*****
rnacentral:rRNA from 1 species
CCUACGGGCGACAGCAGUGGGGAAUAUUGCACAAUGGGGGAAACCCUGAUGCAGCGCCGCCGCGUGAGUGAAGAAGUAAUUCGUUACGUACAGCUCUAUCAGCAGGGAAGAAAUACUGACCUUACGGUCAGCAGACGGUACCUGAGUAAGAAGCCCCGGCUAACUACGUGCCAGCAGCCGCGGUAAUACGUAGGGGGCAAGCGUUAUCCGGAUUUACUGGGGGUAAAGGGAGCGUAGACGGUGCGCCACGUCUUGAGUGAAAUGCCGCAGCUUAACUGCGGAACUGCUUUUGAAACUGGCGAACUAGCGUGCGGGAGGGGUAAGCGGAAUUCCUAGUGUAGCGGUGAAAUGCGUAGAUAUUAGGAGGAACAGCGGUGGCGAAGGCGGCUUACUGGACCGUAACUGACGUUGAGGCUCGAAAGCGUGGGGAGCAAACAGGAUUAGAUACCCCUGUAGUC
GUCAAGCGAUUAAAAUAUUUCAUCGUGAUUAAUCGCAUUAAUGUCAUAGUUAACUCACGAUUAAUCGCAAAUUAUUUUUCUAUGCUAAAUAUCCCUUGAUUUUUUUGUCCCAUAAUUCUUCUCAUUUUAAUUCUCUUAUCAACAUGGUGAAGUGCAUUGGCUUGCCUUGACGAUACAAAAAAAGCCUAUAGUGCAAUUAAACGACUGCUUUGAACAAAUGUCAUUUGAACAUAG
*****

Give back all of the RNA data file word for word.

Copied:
rnacentral:rRNA from 1 species
CCUACGGGCGACAGCAGUGGGGAAUAUUGCACAAUGGGGGAAACCCUGAUGCAGCGCCGCCGCGUGAGUGAAGAAGUAAUUCGUUACGUACAGCUCUAUCAGCAGGGAAGAAAUACUGACCUUACGGUCAGCAGACGGUACCUGAGUAAGAAGCCCCGGCUAACUACGUGCCAGCAGCCGCGGUAAUACGUAGGGGGCAAGCGUUAUCCGGAUUUACUGGGGGUAAAGGGAGCGUAGACGGUGCGCCACGUCUUGAGUGAAAUGCCGCAGCUUAACUGCGGAACUGCUUUUGAAACUGGCGAACUAGCGUGCGGGAGGGGUAAGCGGAAUUCCUAGUGUAGCGGUGAAAUGCGUAGAUAUUAGGAGGAACAGCGGUGGCGAAGGCGGCUUACUGGACCGUAACUGACGUUGAGGCUCGAAAGCGUGGGGAGCAAACAGGAUUAGAUACCCCUGUAGUC
GUCAAGCGAUUAAAAUAUUUCAUCGUGAUUAAUCGCAUUAAUGUCAUAGUUAACUCACGAUUAAUCGCAAAUUAUUUUUCUAUGCUAAAUAUCCCUUGAUUUUUUUGUCCCAUAAUUCUUCUCAUUUUAAUUCUCUUAUCAACAUGGUGAAGUGCAUUGGCUUGCCUUGACGAUACAAAAAAAGCCUAUAGUGCAAUUAAACGACUGCUUUGAACAAAUGUCAUUUGAACAUAG